Is there any merit to investing in this index, particularly in comparison to the widely followed S&P 500 Index?  Rather than offering “opinion” how about we just look at the numbers.

The Test

For test purposes I am using the actual index monthly total return data for both the S&P 500 Index (SPX) and the S&P 500 Low Volatility Index (SPXLV) starting in January 1991 when the Low Volatility Index was first calculated.

Figure 1 displays the growth of $1,000 invested in both indexes on a buy-and-hold basis since 1991.1Figure 1 – Growth of $1,000 invested in S&P 500 Low Volatility Index (blue) versus S&P 500 Index (red)

Some observations, from 12/31/1990 through 8/31/2017;

*$1,000 invested in the SPXLV grew +1,576% to $16,757.

*$1,000 invested in SPX grew +1,239% to $13,390.

*1,576%versus $1,239 represents 27% more return for SPXLV.

So does this mean than SPXLV is a better investment?  Not necessarily.  Note that from 12/31/1990 through 3/31/2000 SPX grew +478% versus only +194% for SPXLV (since then SPXLV has outperformed +471% versus +132%).

So it is quite possible that there will be another performance swing in the future which will propel SPX back into the lead.

Still, there are a few interesting potential benefits to considering the Low Volatility Index

The Tortoise versus the Hare

Figure 2 displays some performance numbers based on all 12-month returns

Measure SPX SPXLV
Average 12mo% 11.0% 11.5%
Median 12mo% 13.0% 13.4%
Standard Deviation 16.7% 12.2%
Ave/Std Dev 0.66 0.94
Worst 12 mo % (-43.3%) (-26.1%)
Maximum Drawdown% (-50.8%) (-35.4%)

Figure 2 – SPX vs. SPXLV (12-month returns); 1990-2017

The key thing to note is that over the 27 test period SPXLV has outperformed SPX in each of the categories listed – i.e., higher returns, lower volatility and lower drawdowns.

To further illustrate the potential advantage to SPXLV let’s now look at rolling 5-year returns (i.e., at the end of each month we look back over the previous 5 years and compare results).

Measure SPX SPXLV
Average 5-year% +68.9% +70.2%
Median 5-year% +61.8% +72.2%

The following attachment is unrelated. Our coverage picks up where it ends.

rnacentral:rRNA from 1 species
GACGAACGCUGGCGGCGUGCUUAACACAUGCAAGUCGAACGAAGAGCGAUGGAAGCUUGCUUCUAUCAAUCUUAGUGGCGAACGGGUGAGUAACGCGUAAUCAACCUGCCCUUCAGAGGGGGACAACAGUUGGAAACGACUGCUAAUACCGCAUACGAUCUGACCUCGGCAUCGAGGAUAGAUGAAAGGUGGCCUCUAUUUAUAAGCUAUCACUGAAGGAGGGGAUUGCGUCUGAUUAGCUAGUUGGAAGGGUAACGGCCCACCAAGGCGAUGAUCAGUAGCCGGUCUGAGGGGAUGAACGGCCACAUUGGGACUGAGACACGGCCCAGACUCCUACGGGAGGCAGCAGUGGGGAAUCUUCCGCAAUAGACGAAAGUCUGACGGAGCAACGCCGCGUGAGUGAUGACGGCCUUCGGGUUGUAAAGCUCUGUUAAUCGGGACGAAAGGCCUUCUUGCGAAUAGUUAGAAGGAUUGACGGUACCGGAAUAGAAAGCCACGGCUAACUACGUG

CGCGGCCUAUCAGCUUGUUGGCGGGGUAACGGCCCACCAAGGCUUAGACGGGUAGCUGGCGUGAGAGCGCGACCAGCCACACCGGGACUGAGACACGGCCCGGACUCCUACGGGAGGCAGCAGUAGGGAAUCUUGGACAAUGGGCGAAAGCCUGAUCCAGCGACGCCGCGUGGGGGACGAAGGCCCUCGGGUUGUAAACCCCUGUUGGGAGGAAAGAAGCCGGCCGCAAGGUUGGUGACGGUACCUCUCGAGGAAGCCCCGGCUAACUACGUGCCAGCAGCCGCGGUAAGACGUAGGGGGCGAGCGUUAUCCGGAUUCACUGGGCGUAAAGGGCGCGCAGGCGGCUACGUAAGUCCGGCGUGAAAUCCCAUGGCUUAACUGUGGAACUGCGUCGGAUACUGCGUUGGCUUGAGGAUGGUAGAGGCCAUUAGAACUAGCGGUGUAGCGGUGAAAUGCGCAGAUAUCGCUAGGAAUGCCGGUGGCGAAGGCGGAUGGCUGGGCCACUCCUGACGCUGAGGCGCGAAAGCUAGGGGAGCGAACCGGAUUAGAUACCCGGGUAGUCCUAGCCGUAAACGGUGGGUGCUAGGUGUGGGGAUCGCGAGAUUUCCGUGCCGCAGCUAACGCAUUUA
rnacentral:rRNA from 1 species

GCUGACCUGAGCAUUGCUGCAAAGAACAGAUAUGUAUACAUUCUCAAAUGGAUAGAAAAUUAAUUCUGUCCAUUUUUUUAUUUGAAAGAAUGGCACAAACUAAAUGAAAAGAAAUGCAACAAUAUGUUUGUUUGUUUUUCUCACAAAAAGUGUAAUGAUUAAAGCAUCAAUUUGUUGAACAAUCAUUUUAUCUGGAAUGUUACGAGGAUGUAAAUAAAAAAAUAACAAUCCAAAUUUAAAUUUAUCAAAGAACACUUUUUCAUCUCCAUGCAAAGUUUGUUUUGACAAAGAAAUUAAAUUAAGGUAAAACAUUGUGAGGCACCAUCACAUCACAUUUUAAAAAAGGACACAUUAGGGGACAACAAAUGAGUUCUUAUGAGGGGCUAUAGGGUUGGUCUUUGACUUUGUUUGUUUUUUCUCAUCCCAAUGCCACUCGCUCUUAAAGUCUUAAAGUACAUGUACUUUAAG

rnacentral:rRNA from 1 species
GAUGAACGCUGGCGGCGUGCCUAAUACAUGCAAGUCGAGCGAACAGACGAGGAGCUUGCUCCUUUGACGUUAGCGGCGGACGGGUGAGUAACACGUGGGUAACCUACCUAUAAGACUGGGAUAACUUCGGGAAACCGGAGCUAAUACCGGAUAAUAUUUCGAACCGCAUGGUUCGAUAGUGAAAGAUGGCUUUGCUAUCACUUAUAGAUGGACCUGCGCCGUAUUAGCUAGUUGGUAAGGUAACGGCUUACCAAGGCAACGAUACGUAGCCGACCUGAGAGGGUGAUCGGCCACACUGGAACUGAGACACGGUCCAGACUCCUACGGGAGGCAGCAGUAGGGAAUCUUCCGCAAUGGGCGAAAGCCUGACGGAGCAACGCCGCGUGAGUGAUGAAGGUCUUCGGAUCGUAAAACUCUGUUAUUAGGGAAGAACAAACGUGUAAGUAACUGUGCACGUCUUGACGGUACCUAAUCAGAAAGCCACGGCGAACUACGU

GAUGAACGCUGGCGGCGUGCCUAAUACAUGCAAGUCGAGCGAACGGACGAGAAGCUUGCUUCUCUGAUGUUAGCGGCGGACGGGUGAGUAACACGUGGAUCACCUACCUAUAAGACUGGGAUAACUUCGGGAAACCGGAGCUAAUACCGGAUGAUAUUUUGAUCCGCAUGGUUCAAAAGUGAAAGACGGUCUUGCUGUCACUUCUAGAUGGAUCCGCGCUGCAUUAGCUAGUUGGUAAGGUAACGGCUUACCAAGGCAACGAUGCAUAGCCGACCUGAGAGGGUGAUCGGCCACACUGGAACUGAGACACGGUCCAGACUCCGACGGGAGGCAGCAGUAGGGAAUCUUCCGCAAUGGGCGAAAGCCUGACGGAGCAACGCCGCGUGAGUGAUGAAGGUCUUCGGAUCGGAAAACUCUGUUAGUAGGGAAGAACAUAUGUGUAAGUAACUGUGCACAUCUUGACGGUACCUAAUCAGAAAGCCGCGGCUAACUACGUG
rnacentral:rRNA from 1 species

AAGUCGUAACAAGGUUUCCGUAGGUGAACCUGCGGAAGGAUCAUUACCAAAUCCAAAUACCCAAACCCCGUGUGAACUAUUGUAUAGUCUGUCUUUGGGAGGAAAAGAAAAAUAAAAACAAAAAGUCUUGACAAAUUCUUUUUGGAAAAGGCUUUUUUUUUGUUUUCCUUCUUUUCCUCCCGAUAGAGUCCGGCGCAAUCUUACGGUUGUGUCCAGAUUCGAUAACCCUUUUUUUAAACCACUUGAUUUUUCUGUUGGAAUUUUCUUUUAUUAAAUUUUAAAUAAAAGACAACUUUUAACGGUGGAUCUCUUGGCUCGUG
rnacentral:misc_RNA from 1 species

Standard Deviation 69.8% 36.4%
Ave/Std Dev 0.99 1.93
Worst 60 months % (-29.1%) (-5.1%)
# times UP 213 (81%) 260 (99%)
# times DOWN 49 (19%) 2 (1%)

Figure 3 – SPX vs. SPXLV (5-year rolling returns); 1990-2017

Key things to note:

*SPXLV shows a higher 5-year average % return and median % return than SPX

*The average 5-year standard deviation (a measure of volatility of returns and therefore risk) for SPXLV is only about 52% of that for SPX

*The worst 60-month performance for SPXLV was just -5.1% (versus -20.1% for SPX)

*SPX showed a 5-year gain 99% of the time versus only 81% of the time for SPX

Summary

Does any of the above mean that the S&P 500 Low Volatility Index is a better investment than the S&P 500 Index itself?  That’s for each reader to decide for themselves.  As we saw during the 1990’s SPX has the potential to vastly outperform its low volatility brethren. Still, if one is looking to buy and hold an index fund for the long term, the Low Volatility has to date produced higher returns, notably lower risk and a much greater consistency of returns.

Jay Kaeppel

Disclaimer:  The data presented herein were obtained from various third-party sources.  While I believe the data to be reliable, no representation is made as to, and no responsibility, warranty or liability is accepted for the accuracy or completeness of such information.  The information, opinions and ideas expressed herein are for informational and educational purposes only and do not constitute and should not be construed as investment advice, an advertisement or offering of investment advisory services, or an offer to sell or a solicitation to buy any security.

 

Speculation 101

This article is for people who “trade” (i.e., we are not talking long-term buy-and-hold here) or who are interested in trading.

Please note that what follows is essentially an “example of one potential approach” and NOT a “You can’t lose in trading by following these exact steps specifically laid out here”.  Are we clear?  OK, then let’s proceed.

One Potential Route

Options offer a great way for speculators to, well, speculate – what else, while committing less capital than they might have to in order to buy shares of stock or hold futures contracts. They also are useful in helping traders to limit their risks to a specific amount.

What follows is a set of steps that may be useful if the stock market continues its “every little dip is a buying opportunity to be followed shortly by higher stock prices overall very soon” ways.  This trend will not last forever.  You have been warned.